The 2017 market has been defined by momentum-driven trends in high growth sectors such as technology and consumer discretionary stocks. The pervasive strength can be attributed to a cadre of household names that have made impressive new highs this year. Apple, Amazon, Facebook, Google, Netflix and others have crushed traditional broad-market benchmarks as their stock prices surge and volatility remains muted.
As these market forces exert themselves, the concomitant effect is that conventional value stocks have shown a far more muted pace. Companies in the energy, financial, utility, and consumer staples sectors have lagged the major indexes as investors focus on chasing the strongest performers of the year.
Classifying stocks as either growth or value is one of the oldest and most studied fundamental investment pillars. This process traditionally involves the analysis of various balance sheet statistics to determine a company’s intrinsic net worth relative to its peers and historical benchmarks.
Being that “value” is such a sought-after characteristic, it’s no surprise that over 50 exchange-traded funds are dedicated to the pursuit. The largest of which include the iShares Russell 1000 Value ETF (IWD) and the Vanguard Value ETF (VTV). Read more
The “fund of funds” style is a portfolio tactic that has been used successfully for many large investment companies. Think about those target-date or target-risk funds in your 401(k). They are essentially a single mutual fund filled with 8-12 underlying funds to create a highly diversified investment strategy using varying asset classes.
It was initially assumed that this same dynamic would be readily embraced in the exchange-traded fund format as well. However, after several failed attempts, it’s becoming apparent that ETF investors want certain attributes within a “fund of fund” strategy that they can’t find elsewhere. The following three examples highlight the largest of this breed and how they have developed over the last decade.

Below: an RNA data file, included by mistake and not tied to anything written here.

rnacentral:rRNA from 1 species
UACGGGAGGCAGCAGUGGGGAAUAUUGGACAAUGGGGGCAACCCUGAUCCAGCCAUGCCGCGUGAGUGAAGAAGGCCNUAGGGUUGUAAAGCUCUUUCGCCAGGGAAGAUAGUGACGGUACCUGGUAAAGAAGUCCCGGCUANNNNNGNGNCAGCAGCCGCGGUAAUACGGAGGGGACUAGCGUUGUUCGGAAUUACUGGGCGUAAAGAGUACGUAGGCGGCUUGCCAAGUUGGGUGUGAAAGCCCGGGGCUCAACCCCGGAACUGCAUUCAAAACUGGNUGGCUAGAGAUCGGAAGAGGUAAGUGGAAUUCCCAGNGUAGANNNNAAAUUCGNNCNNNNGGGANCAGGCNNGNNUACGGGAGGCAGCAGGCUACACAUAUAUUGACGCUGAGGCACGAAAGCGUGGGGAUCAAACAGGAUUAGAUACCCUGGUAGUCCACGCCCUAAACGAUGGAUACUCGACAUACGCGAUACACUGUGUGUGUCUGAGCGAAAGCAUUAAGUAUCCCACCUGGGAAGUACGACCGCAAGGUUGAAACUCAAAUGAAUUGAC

In this month’s video, I look at the technical trends developing in growth versus value stocks. Chart review includes analysis of large-cap, small cap, international, Treasury bonds, and high yield bond ETF prices. Observations of risk and reward are noted throughout, with an emphasis on trend following and sensible portfolio management. Recorded on May 31, 2017.
The first 100 days of Donald Trump’s presidency has been good for the stock market. Whether you agree with his policies or not, there is optimism for the future of the global economy that is being reflected in the recent price action.
Now, of course, that doesn’t mean we are going to see a straight path of gains for the next four years. There are going to be a myriad of stumbling blocks, uncertainty, and possibly even a bear market that will creep up when we least expect it. Those declines will be opportunities for those who are ready to take advantage with cash on the sidelines and a well-tuned watch list of solid funds to buy. Read more